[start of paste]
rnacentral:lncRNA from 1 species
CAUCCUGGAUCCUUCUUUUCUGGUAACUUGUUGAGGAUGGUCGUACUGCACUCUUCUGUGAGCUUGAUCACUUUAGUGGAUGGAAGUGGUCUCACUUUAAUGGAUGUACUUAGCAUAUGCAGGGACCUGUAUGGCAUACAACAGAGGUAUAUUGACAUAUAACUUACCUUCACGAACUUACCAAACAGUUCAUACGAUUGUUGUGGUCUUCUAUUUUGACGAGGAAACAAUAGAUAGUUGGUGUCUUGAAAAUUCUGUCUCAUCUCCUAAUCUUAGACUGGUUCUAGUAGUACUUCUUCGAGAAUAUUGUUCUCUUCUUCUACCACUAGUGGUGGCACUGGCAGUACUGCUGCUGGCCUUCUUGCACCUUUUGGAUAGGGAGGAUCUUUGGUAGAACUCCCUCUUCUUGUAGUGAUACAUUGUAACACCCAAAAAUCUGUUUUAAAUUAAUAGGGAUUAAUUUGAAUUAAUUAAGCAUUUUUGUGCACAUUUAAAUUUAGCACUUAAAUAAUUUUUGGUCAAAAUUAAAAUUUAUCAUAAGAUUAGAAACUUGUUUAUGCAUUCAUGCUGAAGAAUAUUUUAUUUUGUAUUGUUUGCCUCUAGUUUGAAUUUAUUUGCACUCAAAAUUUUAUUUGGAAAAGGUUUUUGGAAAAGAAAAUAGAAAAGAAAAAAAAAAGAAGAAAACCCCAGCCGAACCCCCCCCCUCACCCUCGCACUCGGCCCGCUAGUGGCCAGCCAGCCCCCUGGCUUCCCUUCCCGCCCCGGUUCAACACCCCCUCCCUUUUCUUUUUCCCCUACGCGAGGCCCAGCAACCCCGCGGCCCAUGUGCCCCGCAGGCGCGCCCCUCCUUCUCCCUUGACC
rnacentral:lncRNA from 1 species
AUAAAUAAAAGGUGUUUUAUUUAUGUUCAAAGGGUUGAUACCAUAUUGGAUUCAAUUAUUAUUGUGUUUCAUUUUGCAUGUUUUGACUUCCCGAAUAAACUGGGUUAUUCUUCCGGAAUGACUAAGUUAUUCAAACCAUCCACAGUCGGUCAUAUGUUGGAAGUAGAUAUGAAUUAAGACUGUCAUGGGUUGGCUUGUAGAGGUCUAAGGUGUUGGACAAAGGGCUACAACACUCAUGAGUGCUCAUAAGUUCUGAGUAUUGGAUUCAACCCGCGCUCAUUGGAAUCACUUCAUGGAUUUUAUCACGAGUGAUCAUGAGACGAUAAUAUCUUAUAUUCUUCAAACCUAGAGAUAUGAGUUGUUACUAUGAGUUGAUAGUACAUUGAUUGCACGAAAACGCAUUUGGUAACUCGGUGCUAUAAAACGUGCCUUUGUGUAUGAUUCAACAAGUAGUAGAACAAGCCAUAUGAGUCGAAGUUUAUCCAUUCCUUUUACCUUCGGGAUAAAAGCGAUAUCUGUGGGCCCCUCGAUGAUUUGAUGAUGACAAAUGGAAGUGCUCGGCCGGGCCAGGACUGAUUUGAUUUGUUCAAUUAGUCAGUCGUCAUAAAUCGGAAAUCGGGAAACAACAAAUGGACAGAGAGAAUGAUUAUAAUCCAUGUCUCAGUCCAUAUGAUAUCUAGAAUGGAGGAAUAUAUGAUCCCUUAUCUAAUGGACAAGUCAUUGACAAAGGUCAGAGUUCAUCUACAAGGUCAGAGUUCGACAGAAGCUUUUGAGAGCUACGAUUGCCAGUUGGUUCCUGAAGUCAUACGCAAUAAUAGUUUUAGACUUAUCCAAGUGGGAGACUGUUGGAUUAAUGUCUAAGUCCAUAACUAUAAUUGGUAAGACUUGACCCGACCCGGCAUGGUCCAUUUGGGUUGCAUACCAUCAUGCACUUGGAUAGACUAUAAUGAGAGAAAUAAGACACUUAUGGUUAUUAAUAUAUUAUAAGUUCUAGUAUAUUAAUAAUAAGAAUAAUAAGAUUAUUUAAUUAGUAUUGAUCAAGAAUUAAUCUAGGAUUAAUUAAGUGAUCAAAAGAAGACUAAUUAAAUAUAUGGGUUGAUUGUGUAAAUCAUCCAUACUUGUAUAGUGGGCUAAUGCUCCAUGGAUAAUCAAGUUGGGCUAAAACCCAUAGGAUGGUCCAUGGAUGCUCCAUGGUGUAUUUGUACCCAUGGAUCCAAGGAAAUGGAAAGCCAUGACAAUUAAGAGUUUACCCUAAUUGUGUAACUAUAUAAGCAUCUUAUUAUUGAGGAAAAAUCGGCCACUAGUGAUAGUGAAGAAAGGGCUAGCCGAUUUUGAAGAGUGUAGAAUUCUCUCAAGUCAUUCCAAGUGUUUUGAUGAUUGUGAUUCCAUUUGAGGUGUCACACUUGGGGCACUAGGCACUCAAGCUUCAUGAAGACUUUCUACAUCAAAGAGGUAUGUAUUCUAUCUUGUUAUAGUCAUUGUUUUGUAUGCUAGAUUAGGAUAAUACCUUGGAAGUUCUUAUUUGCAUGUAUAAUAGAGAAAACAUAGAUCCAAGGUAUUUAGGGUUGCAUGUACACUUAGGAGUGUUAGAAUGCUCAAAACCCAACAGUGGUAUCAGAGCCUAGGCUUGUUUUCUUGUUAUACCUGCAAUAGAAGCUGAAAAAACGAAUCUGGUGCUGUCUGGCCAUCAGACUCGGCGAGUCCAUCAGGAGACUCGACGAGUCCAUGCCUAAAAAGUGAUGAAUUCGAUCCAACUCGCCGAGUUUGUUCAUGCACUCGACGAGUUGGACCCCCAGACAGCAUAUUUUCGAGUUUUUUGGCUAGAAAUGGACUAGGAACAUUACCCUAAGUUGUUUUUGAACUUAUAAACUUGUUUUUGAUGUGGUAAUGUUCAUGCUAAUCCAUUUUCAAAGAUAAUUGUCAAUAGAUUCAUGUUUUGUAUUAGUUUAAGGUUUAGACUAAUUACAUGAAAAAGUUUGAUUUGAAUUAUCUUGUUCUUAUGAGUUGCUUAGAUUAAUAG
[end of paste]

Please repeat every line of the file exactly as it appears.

rnacentral:lncRNA from 1 species
CAUCCUGGAUCCUUCUUUUCUGGUAACUUGUUGAGGAUGGUCGUACUGCACUCUUCUGUGAGCUUGAUCACUUUAGUGGAUGGAAGUGGUCUCACUUUAAUGGAUGUACUUAGCAUAUGCAGGGACCUGUAUGGCAUACAACAGAGGUAUAUUGACAUAUAACUUACCUUCACGAACUUACCAAACAGUUCAUACGAUUGUUGUGGUCUUCUAUUUUGACGAGGAAACAAUAGAUAGUUGGUGUCUUGAAAAUUCUGUCUCAUCUCCUAAUCUUAGACUGGUUCUAGUAGUACUUCUUCGAGAAUAUUGUUCUCUUCUUCUACCACUAGUGGUGGCACUGGCAGUACUGCUGCUGGCCUUCUUGCACCUUUUGGAUAGGGAGGAUCUUUGGUAGAACUCCCUCUUCUUGUAGUGAUACAUUGUAACACCCAAAAAUCUGUUUUAAAUUAAUAGGGAUUAAUUUGAAUUAAUUAAGCAUUUUUGUGCACAUUUAAAUUUAGCACUUAAAUAAUUUUUGGUCAAAAUUAAAAUUUAUCAUAAGAUUAGAAACUUGUUUAUGCAUUCAUGCUGAAGAAUAUUUUAUUUUGUAUUGUUUGCCUCUAGUUUGAAUUUAUUUGCACUCAAAAUUUUAUUUGGAAAAGGUUUUUGGAAAAGAAAAUAGAAAAGAAAAAAAAAAGAAGAAAACCCCAGCCGAACCCCCCCCCUCACCCUCGCACUCGGCCCGCUAGUGGCCAGCCAGCCCCCUGGCUUCCCUUCCCGCCCCGGUUCAACACCCCCUCCCUUUUCUUUUUCCCCUACGCGAGGCCCAGCAACCCCGCGGCCCAUGUGCCCCGCAGGCGCGCCCCUCCUUCUCCCUUGACC
rnacentral:lncRNA from 1 species
AUAAAUAAAAGGUGUUUUAUUUAUGUUCAAAGGGUUGAUACCAUAUUGGAUUCAAUUAUUAUUGUGUUUCAUUUUGCAUGUUUUGACUUCCCGAAUAAACUGGGUUAUUCUUCCGGAAUGACUAAGUUAUUCAAACCAUCCACAGUCGGUCAUAUGUUGGAAGUAGAUAUGAAUUAAGACUGUCAUGGGUUGGCUUGUAGAGGUCUAAGGUGUUGGACAAAGGGCUACAACACUCAUGAGUGCUCAUAAGUUCUGAGUAUUGGAUUCAACCCGCGCUCAUUGGAAUCACUUCAUGGAUUUUAUCACGAGUGAUCAUGAGACGAUAAUAUCUUAUAUUCUUCAAACCUAGAGAUAUGAGUUGUUACUAUGAGUUGAUAGUACAUUGAUUGCACGAAAACGCAUUUGGUAACUCGGUGCUAUAAAACGUGCCUUUGUGUAUGAUUCAACAAGUAGUAGAACAAGCCAUAUGAGUCGAAGUUUAUCCAUUCCUUUUACCUUCGGGAUAAAAGCGAUAUCUGUGGGCCCCUCGAUGAUUUGAUGAUGACAAAUGGAAGUGCUCGGCCGGGCCAGGACUGAUUUGAUUUGUUCAAUUAGUCAGUCGUCAUAAAUCGGAAAUCGGGAAACAACAAAUGGACAGAGAGAAUGAUUAUAAUCCAUGUCUCAGUCCAUAUGAUAUCUAGAAUGGAGGAAUAUAUGAUCCCUUAUCUAAUGGACAAGUCAUUGACAAAGGUCAGAGUUCAUCUACAAGGUCAGAGUUCGACAGAAGCUUUUGAGAGCUACGAUUGCCAGUUGGUUCCUGAAGUCAUACGCAAUAAUAGUUUUAGACUUAUCCAAGUGGGAGACUGUUGGAUUAAUGUCUAAGUCCAUAACUAUAAUUGGUAAGACUUGACCCGACCCGGCAUGGUCCAUUUGGGUUGCAUACCAUCAUGCACUUGGAUAGACUAUAAUGAGAGAAAUAAGACACUUAUGGUUAUUAAUAUAUUAUAAGUUCUAGUAUAUUAAUAAUAAGAAUAAUAAGAUUAUUUAAUUAGUAUUGAUCAAGAAUUAAUCUAGGAUUAAUUAAGUGAUCAAAAGAAGACUAAUUAAAUAUAUGGGUUGAUUGUGUAAAUCAUCCAUACUUGUAUAGUGGGCUAAUGCUCCAUGGAUAAUCAAGUUGGGCUAAAACCCAUAGGAUGGUCCAUGGAUGCUCCAUGGUGUAUUUGUACCCAUGGAUCCAAGGAAAUGGAAAGCCAUGACAAUUAAGAGUUUACCCUAAUUGUGUAACUAUAUAAGCAUCUUAUUAUUGAGGAAAAAUCGGCCACUAGUGAUAGUGAAGAAAGGGCUAGCCGAUUUUGAAGAGUGUAGAAUUCUCUCAAGUCAUUCCAAGUGUUUUGAUGAUUGUGAUUCCAUUUGAGGUGUCACACUUGGGGCACUAGGCACUCAAGCUUCAUGAAGACUUUCUACAUCAAAGAGGUAUGUAUUCUAUCUUGUUAUAGUCAUUGUUUUGUAUGCUAGAUUAGGAUAAUACCUUGGAAGUUCUUAUUUGCAUGUAUAAUAGAGAAAACAUAGAUCCAAGGUAUUUAGGGUUGCAUGUACACUUAGGAGUGUUAGAAUGCUCAAAACCCAACAGUGGUAUCAGAGCCUAGGCUUGUUUUCUUGUUAUACCUGCAAUAGAAGCUGAAAAAACGAAUCUGGUGCUGUCUGGCCAUCAGACUCGGCGAGUCCAUCAGGAGACUCGACGAGUCCAUGCCUAAAAAGUGAUGAAUUCGAUCCAACUCGCCGAGUUUGUUCAUGCACUCGACGAGUUGGACCCCCAGACAGCAUAUUUUCGAGUUUUUUGGCUAGAAAUGGACUAGGAACAUUACCCUAAGUUGUUUUUGAACUUAUAAACUUGUUUUUGAUGUGGUAAUGUUCAUGCUAAUCCAUUUUCAAAGAUAAUUGUCAAUAGAUUCAUGUUUUGUAUUAGUUUAAGGUUUAGACUAAUUACAUGAAAAAGUUUGAUUUGAAUUAUCUUGUUCUUAUGAGUUGCUUAGAUUAAUAG